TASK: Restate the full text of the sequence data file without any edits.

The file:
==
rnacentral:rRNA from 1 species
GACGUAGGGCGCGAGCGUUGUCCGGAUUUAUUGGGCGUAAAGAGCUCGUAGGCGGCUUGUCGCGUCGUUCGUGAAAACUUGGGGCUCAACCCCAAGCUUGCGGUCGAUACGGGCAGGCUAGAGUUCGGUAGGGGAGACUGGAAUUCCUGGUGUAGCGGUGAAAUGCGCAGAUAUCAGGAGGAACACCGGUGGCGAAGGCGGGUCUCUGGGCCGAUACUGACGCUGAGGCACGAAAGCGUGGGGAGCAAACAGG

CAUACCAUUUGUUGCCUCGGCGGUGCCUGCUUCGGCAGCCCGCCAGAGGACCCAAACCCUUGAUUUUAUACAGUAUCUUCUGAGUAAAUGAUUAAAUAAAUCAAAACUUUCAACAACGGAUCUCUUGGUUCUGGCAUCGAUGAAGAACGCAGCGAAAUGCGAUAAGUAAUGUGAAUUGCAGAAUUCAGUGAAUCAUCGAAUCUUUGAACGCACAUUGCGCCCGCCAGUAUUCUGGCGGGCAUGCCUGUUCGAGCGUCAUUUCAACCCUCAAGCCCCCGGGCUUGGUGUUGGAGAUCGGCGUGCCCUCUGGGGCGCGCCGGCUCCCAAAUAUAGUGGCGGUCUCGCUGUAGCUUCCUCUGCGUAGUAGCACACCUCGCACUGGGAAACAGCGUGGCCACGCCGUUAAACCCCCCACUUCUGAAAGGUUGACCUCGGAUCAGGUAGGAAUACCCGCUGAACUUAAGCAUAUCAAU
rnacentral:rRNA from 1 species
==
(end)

rnacentral:rRNA from 1 species
GACGUAGGGCGCGAGCGUUGUCCGGAUUUAUUGGGCGUAAAGAGCUCGUAGGCGGCUUGUCGCGUCGUUCGUGAAAACUUGGGGCUCAACCCCAAGCUUGCGGUCGAUACGGGCAGGCUAGAGUUCGGUAGGGGAGACUGGAAUUCCUGGUGUAGCGGUGAAAUGCGCAGAUAUCAGGAGGAACACCGGUGGCGAAGGCGGGUCUCUGGGCCGAUACUGACGCUGAGGCACGAAAGCGUGGGGAGCAAACAGG

CAUACCAUUUGUUGCCUCGGCGGUGCCUGCUUCGGCAGCCCGCCAGAGGACCCAAACCCUUGAUUUUAUACAGUAUCUUCUGAGUAAAUGAUUAAAUAAAUCAAAACUUUCAACAACGGAUCUCUUGGUUCUGGCAUCGAUGAAGAACGCAGCGAAAUGCGAUAAGUAAUGUGAAUUGCAGAAUUCAGUGAAUCAUCGAAUCUUUGAACGCACAUUGCGCCCGCCAGUAUUCUGGCGGGCAUGCCUGUUCGAGCGUCAUUUCAACCCUCAAGCCCCCGGGCUUGGUGUUGGAGAUCGGCGUGCCCUCUGGGGCGCGCCGGCUCCCAAAUAUAGUGGCGGUCUCGCUGUAGCUUCCUCUGCGUAGUAGCACACCUCGCACUGGGAAACAGCGUGGCCACGCCGUUAAACCCCCCACUUCUGAAAGGUUGACCUCGGAUCAGGUAGGAAUACCCGCUGAACUUAAGCAUAUCAAU
rnacentral:rRNA from 1 species